Farming on Long Island deserves to be appreciated.
Among public officials from Long Island who very much do appreciate agriculture here, and throughout the state, is New York State Comptroller Thomas P. DiNapoli. Last year, the former state assemblyman from Great Neck Plaza issued a laudatory report on agriculture.
Mr. DiNapoli noted in the report that Suffolk County remains a top agricultural county in the state. It’s rated fourth in the state, with $225.6 million in annual total sales in 2017. It was only led by the upstate counties of Wyoming with $307.5 million; Cayuga with $287.5 million; and Genesee with $234.9 million.
His report lists 560 farms in Suffolk County out of 35,537 in New York and state farm produce generating $5.7 billion in revenue in 2017.
“Agriculture is an essential part of New York’s economy,” DiNapoli said in comments accompanying the report, which is available online. It’s titled “A Profile in Agriculture in New York State” and is at osc.state.ny.us/reports/economic/agriculture-report-2019.pdf.
The report declares: “While the total number of farms and acreage declined from 2007 to 2017, their overall economic impact increased as net farm income grew by more than 20 percent. In addition, the number of certified organic farms increased by over 60 percent from 2012 to 2017. New York ranks as a national leader for a variety of agricultural commodities … New York is the [nation’s] third largest producer of wine … The state has created a variety of policy initiatives to address challenges facing New York farmers, including efforts to limit state and local taxes on agricultural land, farmland protection initiatives, capital investment funds for new farmers, and financial incentives for schools that use locally sourced food.”
Suffolk was, for many years, the top agricultural county in New York State in value of its annual produce. But being number four is still very good.
And considering the development pressures that have existed on Long Island, the continuation of a thriving agricultural industry is especially notable. It is a testament to the actions of people.
First of all, there are the hardworking farmers of Long Island, the men and women who are committed to doing the tough, essential work.
Then there’s the county’s Farmland Preservation Program, launched by Suffolk County Executive John V. N. Klein in 1974, a first-in-the-nation program based on the brilliant concept of saving farms through the sale of development rights. Farmers are given the monetary difference between what their land is valued in agriculture and what they could get for it if they sold it off for a housing subdivision. In return, the land remains in agriculture in perpetuity.
Then there’s been the ingenuity of those in agriculture, especially Louisa and Alex Hargrave, who started a vineyard in Cutchogue in 1973, leading to scores of vineyards and wineries, a prosperous Long Island wine industry, a world-class product, and a leap in diversifying agriculture here.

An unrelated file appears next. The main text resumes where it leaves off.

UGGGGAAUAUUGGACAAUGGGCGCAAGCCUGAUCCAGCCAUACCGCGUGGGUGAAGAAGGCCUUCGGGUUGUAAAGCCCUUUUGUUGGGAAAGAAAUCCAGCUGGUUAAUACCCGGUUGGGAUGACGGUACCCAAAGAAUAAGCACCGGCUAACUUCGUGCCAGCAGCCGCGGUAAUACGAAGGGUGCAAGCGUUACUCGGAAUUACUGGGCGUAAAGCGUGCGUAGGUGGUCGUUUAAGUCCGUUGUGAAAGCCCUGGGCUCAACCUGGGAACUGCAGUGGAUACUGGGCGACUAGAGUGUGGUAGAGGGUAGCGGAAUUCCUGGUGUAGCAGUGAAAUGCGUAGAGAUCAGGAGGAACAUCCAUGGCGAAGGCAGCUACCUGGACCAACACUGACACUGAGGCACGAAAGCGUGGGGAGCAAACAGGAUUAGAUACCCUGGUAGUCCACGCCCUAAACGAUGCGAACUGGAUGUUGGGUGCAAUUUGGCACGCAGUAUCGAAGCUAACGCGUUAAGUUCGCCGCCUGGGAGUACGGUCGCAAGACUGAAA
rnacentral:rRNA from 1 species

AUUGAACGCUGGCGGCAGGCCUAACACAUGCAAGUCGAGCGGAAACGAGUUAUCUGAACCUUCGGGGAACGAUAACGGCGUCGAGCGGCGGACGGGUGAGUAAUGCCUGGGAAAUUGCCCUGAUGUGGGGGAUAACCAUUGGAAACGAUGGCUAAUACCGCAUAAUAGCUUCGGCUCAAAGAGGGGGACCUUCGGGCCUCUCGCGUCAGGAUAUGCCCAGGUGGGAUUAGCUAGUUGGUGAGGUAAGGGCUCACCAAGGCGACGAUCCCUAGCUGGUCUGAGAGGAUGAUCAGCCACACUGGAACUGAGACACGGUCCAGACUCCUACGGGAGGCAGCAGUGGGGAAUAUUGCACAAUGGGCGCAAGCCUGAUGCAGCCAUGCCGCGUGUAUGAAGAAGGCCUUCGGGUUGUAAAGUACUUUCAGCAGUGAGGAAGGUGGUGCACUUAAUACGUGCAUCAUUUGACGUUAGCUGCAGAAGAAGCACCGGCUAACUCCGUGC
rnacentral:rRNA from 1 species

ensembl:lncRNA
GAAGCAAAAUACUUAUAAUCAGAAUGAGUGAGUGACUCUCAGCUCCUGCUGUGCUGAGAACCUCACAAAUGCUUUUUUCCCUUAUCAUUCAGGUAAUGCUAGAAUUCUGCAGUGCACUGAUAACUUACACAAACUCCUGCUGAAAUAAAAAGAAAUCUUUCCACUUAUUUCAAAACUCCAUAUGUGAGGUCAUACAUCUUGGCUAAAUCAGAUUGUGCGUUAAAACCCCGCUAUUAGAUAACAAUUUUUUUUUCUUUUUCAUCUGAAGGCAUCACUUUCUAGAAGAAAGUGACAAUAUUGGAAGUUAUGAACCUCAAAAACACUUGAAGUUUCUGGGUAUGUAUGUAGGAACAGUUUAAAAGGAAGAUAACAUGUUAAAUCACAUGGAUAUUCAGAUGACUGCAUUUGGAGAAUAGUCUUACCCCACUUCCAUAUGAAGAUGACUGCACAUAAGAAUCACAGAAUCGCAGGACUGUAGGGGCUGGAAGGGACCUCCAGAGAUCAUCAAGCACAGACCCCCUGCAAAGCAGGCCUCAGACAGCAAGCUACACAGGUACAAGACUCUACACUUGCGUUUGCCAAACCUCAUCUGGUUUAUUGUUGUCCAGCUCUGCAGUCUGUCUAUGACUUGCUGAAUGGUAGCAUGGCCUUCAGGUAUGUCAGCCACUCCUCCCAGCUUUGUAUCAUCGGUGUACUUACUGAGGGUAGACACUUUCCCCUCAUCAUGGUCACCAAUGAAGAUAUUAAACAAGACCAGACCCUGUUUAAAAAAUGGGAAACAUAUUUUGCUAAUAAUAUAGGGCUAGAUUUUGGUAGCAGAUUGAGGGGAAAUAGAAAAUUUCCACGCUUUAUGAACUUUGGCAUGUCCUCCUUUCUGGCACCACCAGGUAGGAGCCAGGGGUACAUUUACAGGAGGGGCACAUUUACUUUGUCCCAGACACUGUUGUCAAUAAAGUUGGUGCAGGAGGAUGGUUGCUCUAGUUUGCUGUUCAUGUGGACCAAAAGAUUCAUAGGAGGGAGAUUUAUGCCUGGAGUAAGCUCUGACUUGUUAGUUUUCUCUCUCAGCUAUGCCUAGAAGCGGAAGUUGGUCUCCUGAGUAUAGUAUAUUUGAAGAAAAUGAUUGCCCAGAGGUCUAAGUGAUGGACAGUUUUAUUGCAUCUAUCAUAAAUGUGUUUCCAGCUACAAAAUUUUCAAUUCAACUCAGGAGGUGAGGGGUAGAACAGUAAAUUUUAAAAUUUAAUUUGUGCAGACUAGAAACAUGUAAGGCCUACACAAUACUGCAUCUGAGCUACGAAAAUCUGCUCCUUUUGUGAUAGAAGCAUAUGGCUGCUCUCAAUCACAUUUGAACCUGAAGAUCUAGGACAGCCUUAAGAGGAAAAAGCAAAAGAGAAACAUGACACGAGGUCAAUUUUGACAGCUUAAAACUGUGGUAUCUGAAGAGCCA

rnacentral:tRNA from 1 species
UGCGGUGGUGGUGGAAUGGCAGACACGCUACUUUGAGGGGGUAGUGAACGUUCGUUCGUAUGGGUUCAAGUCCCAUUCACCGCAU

Then there’s the Community Preservation Fund, started in 1998, spearheaded by State Assemblyman Fred W. Thiele, Jr. (I-Sag Harbor) and covering the East End towns. It is based on a real estate transfer tax of 2% on most transactions.
And there’s the “public appreciation” of Long Island farmers, as the director of the Long Island Farm Bureau, Rob Carpenter notes. People have been purchasing local produce from farm stands, and beginning over the last decade, a “farm-to-table” program of restaurants emphasizing the serving of local farm produce, and stores (including supermarkets) have stressed the sale of local produce.
It’s not just produce that farms generate. As the Farm Bureau’s website notes: “Today’s farming activities also help to preserve wildlife habitats and the natural aesthetic beauty of our fair island. Long Island farmland provides an important buffer against urban sprawl, protects the water supply and helps maintain the traditional rural character of the wonderful East End of Long Island.”
As an “economic force,” agriculture employs “well over 10,000 people in the region, with a multiplier effect that generates jobs for tens of thousands more. Long Island agriculture is a billion-dollar-a-year industry and generates billions of dollars more for the Island’s largest industry, tourism, travel and hospitality … Long Island agriculture provides the scenic vistas desired by our visitors and close proximity to farm markets, where visitors and year ‘round residents enjoy the advantage of locally produced fruits, vegetables, poultry, fish, flowers, herbs, specialty products, ornamental horticultural products, and the best varieties of wine from local wineries.”